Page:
Dave Matthews Band Fan Site


A Tale of Two Reporters

February 20th, 2001

Justin Bernick and Christa Dierksheide , Cavalier Daily Senior Writers

a042001.gifOn the eve of the long-awaited and much hyped Scott Stadium concert, two diehard fans chronicle their quest to meet the elusive Dave Matthews

Justin Bernick and Christa Dierksheide , Cavalier Daily Senior Writers
courtesy coran capshaw

It all started one dark and stormy afternoon in the newsroom in the basement of Newcomb Hall. With the big Dave Matthews Band show coming up this weekend, everyone had Dave on the brain, including us. Suddenly, a burning desire roiled deep within our souls - we had to find Dave!

Like any good reporter, the first thing we did was pick up the phone. We called publicists, "secret" contacts, administrators, and even used passwords to try to come into contact with the mythical rock star himself. But it was all to no avail.

Hundreds of phone calls later, we still found ourselves twiddling our pencils and notepads at a complete dead end. We slowly began to ask ourselves, "Does this man truly exist?"

He must, as he and his band have released five studio albums and four live albums in the last 10 years, and they even granted Rolling Stone an interview last month. So why not us? Our paper has a circulation of 10,000. And the University is at least partly responsible for supplying an original fan base in the early '90s when the band was just getting on its feet.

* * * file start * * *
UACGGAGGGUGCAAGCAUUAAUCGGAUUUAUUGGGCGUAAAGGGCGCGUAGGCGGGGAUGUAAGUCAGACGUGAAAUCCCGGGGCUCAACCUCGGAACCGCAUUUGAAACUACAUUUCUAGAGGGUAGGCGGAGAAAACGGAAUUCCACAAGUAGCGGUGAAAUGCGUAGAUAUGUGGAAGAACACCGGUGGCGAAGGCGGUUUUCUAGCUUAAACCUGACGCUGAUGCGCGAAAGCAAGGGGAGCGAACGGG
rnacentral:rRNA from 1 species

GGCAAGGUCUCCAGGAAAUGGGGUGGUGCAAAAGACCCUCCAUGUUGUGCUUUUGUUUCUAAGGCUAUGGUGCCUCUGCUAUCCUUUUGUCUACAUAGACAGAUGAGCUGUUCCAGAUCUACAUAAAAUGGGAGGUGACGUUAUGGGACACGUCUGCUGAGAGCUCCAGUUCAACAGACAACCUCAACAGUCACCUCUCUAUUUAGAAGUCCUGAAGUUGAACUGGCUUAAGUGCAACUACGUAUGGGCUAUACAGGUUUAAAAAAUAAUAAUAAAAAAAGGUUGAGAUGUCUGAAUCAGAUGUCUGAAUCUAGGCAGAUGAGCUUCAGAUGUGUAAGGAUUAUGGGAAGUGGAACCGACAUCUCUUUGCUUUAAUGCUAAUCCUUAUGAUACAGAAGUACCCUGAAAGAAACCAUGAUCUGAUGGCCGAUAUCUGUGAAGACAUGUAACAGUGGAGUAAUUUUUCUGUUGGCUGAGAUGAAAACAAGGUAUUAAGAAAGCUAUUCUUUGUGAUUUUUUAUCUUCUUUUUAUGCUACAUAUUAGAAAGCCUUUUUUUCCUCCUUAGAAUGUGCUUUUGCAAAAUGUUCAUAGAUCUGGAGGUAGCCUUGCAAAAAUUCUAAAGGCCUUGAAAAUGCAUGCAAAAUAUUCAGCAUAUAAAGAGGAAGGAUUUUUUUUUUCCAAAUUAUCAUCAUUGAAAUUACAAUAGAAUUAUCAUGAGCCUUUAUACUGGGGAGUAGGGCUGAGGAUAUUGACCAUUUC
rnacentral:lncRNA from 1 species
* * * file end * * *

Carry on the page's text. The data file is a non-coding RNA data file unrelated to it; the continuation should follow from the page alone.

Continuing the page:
Back in 1994, Dave put on a performance in the amphitheater to celebrate the release of "Under the Table and Dreaming." He appreciated us back then - why not now?

We realized we were being big-leagued, but we were not deterred. After all, why did we need secret contacts when we had our own two feet?

We took to the road. Based on a sketchy rumor, we decided to look for Dave at Orbit Billiards on the Corner. Allegedly he bought the 21st shot for a young lady who was celebrating her 21st birthday on Tuesday. The story continues that Dave had just been there to shoot some pool.

Both of us fancy ourselves somewhat talented reporters, adept at penning accurate stories in the newspaper from day to day, but we knew we had to face the music: Neither of us was 21, and neither of us could shoot pool worth a Bama Rag. (For those of you non-Daveheads, Bama Rags is the band's record label.) In fact, one of us even ripped the felt in a miscalculated shot in a rookie pool game, distracted by a rendition of "Jimi Thing" playing on the radio.

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# "What would you say?"

We decided to skip Orbit altogether and even momentarily abandon our quest for Dave. For as long as Dave remained so elusive, we might as well try to discover who the special guest performer would be. Rumored to be anyone from Santana to Paul Simon, we set out to surprise the surprise guest himself.

Well, if you were a rock star visiting Charlottesville, where would you stay? We picked our brains. Nope, not the Budget Inn, not the Red Roof and definitely not the luxurious and renovated Cavalier Inn, located within walking distance to the stadium. We knew rock stars didn't walk to work. So we ventured further out of town along Ivy Road. Lured onward by signs advertising eight course meals and 18-hole golf courses, we headed to none other than the Boar's Head Inn.

On our way, we decided to pick up a little gift for our mystery man, in the hopes that the bribe might get us into Dave's inner circle of confidantes. We chose a dozen roses - make that a dozen pink roses - as our bargaining tool. Going on a hunch, we made a card out to Carlos and confidently walked into the foyer of the upscale establishment.